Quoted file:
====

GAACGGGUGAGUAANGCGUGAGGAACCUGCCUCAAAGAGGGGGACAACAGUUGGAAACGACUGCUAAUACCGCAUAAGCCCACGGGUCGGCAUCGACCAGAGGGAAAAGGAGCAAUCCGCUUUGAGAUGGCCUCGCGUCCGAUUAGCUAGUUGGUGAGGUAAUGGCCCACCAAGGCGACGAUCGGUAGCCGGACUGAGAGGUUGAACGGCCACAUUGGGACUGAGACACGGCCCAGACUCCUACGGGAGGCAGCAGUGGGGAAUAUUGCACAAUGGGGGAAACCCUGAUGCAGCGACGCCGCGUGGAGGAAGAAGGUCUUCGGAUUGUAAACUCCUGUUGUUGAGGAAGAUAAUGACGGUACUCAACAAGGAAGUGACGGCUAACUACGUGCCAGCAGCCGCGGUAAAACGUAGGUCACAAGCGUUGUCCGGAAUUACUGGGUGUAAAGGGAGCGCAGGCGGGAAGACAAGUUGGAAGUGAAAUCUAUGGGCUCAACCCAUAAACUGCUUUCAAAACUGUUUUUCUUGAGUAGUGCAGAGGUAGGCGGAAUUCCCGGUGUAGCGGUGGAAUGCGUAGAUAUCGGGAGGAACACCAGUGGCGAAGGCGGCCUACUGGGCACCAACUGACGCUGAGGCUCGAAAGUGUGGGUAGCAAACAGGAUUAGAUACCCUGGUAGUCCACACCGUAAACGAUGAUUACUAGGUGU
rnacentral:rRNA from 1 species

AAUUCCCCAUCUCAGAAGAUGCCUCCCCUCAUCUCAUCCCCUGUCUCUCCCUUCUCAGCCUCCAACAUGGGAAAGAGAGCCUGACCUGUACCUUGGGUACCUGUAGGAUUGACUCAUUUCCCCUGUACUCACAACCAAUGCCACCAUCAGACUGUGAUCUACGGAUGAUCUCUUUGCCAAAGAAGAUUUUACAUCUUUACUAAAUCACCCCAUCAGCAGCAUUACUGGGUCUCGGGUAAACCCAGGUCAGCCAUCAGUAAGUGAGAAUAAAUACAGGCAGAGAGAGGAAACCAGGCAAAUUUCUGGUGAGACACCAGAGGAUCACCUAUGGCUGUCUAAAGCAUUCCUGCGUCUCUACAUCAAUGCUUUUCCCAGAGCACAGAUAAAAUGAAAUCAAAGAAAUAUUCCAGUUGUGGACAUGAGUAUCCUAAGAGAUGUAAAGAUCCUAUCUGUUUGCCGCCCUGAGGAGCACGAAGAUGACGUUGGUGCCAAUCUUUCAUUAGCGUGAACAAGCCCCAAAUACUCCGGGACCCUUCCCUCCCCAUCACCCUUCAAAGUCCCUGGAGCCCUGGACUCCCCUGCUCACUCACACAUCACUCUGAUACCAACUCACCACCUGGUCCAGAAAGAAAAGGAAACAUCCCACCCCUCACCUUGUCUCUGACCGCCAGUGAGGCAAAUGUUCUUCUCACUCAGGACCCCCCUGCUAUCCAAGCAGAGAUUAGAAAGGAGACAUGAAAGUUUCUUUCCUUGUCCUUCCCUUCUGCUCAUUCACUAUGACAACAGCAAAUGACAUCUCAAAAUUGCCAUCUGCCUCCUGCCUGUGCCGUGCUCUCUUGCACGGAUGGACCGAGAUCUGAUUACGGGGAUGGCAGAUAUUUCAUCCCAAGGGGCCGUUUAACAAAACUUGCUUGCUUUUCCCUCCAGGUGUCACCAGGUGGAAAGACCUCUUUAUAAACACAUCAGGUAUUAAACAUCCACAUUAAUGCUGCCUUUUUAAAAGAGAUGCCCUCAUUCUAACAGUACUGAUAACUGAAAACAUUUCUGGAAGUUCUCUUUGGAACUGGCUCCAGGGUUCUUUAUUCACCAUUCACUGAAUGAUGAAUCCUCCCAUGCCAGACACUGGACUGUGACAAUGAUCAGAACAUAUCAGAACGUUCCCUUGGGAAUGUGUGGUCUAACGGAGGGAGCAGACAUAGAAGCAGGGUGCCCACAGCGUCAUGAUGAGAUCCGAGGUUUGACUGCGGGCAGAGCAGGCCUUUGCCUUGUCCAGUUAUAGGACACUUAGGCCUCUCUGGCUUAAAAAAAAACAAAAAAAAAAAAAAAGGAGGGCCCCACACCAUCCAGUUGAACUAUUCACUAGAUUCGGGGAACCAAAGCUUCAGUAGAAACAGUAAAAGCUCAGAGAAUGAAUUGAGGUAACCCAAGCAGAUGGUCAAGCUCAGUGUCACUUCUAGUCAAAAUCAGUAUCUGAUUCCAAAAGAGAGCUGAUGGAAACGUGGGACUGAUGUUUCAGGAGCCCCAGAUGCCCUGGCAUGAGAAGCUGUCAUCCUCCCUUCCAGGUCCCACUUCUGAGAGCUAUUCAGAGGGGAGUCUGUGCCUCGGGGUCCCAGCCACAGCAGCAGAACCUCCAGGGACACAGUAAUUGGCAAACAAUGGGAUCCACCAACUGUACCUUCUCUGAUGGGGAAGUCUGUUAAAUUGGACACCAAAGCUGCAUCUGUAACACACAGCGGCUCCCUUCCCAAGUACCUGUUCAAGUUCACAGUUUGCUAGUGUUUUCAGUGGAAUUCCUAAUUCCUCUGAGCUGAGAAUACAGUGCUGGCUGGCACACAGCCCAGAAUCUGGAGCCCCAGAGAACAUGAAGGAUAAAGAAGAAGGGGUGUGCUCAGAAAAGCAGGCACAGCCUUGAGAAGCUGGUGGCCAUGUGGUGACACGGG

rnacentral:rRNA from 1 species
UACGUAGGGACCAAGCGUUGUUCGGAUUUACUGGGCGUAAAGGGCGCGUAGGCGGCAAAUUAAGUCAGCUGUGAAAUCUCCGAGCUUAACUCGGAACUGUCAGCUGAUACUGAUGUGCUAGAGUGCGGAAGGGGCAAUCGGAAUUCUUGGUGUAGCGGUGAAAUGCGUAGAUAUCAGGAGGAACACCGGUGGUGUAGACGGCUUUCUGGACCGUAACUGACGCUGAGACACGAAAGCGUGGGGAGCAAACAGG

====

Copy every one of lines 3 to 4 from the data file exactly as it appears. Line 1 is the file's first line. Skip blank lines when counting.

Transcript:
AAUUCCCCAUCUCAGAAGAUGCCUCCCCUCAUCUCAUCCCCUGUCUCUCCCUUCUCAGCCUCCAACAUGGGAAAGAGAGCCUGACCUGUACCUUGGGUACCUGUAGGAUUGACUCAUUUCCCCUGUACUCACAACCAAUGCCACCAUCAGACUGUGAUCUACGGAUGAUCUCUUUGCCAAAGAAGAUUUUACAUCUUUACUAAAUCACCCCAUCAGCAGCAUUACUGGGUCUCGGGUAAACCCAGGUCAGCCAUCAGUAAGUGAGAAUAAAUACAGGCAGAGAGAGGAAACCAGGCAAAUUUCUGGUGAGACACCAGAGGAUCACCUAUGGCUGUCUAAAGCAUUCCUGCGUCUCUACAUCAAUGCUUUUCCCAGAGCACAGAUAAAAUGAAAUCAAAGAAAUAUUCCAGUUGUGGACAUGAGUAUCCUAAGAGAUGUAAAGAUCCUAUCUGUUUGCCGCCCUGAGGAGCACGAAGAUGACGUUGGUGCCAAUCUUUCAUUAGCGUGAACAAGCCCCAAAUACUCCGGGACCCUUCCCUCCCCAUCACCCUUCAAAGUCCCUGGAGCCCUGGACUCCCCUGCUCACUCACACAUCACUCUGAUACCAACUCACCACCUGGUCCAGAAAGAAAAGGAAACAUCCCACCCCUCACCUUGUCUCUGACCGCCAGUGAGGCAAAUGUUCUUCUCACUCAGGACCCCCCUGCUAUCCAAGCAGAGAUUAGAAAGGAGACAUGAAAGUUUCUUUCCUUGUCCUUCCCUUCUGCUCAUUCACUAUGACAACAGCAAAUGACAUCUCAAAAUUGCCAUCUGCCUCCUGCCUGUGCCGUGCUCUCUUGCACGGAUGGACCGAGAUCUGAUUACGGGGAUGGCAGAUAUUUCAUCCCAAGGGGCCGUUUAACAAAACUUGCUUGCUUUUCCCUCCAGGUGUCACCAGGUGGAAAGACCUCUUUAUAAACACAUCAGGUAUUAAACAUCCACAUUAAUGCUGCCUUUUUAAAAGAGAUGCCCUCAUUCUAACAGUACUGAUAACUGAAAACAUUUCUGGAAGUUCUCUUUGGAACUGGCUCCAGGGUUCUUUAUUCACCAUUCACUGAAUGAUGAAUCCUCCCAUGCCAGACACUGGACUGUGACAAUGAUCAGAACAUAUCAGAACGUUCCCUUGGGAAUGUGUGGUCUAACGGAGGGAGCAGACAUAGAAGCAGGGUGCCCACAGCGUCAUGAUGAGAUCCGAGGUUUGACUGCGGGCAGAGCAGGCCUUUGCCUUGUCCAGUUAUAGGACACUUAGGCCUCUCUGGCUUAAAAAAAAACAAAAAAAAAAAAAAAGGAGGGCCCCACACCAUCCAGUUGAACUAUUCACUAGAUUCGGGGAACCAAAGCUUCAGUAGAAACAGUAAAAGCUCAGAGAAUGAAUUGAGGUAACCCAAGCAGAUGGUCAAGCUCAGUGUCACUUCUAGUCAAAAUCAGUAUCUGAUUCCAAAAGAGAGCUGAUGGAAACGUGGGACUGAUGUUUCAGGAGCCCCAGAUGCCCUGGCAUGAGAAGCUGUCAUCCUCCCUUCCAGGUCCCACUUCUGAGAGCUAUUCAGAGGGGAGUCUGUGCCUCGGGGUCCCAGCCACAGCAGCAGAACCUCCAGGGACACAGUAAUUGGCAAACAAUGGGAUCCACCAACUGUACCUUCUCUGAUGGGGAAGUCUGUUAAAUUGGACACCAAAGCUGCAUCUGUAACACACAGCGGCUCCCUUCCCAAGUACCUGUUCAAGUUCACAGUUUGCUAGUGUUUUCAGUGGAAUUCCUAAUUCCUCUGAGCUGAGAAUACAGUGCUGGCUGGCACACAGCCCAGAAUCUGGAGCCCCAGAGAACAUGAAGGAUAAAGAAGAAGGGGUGUGCUCAGAAAAGCAGGCACAGCCUUGAGAAGCUGGUGGCCAUGUGGUGACACGGG

rnacentral:rRNA from 1 species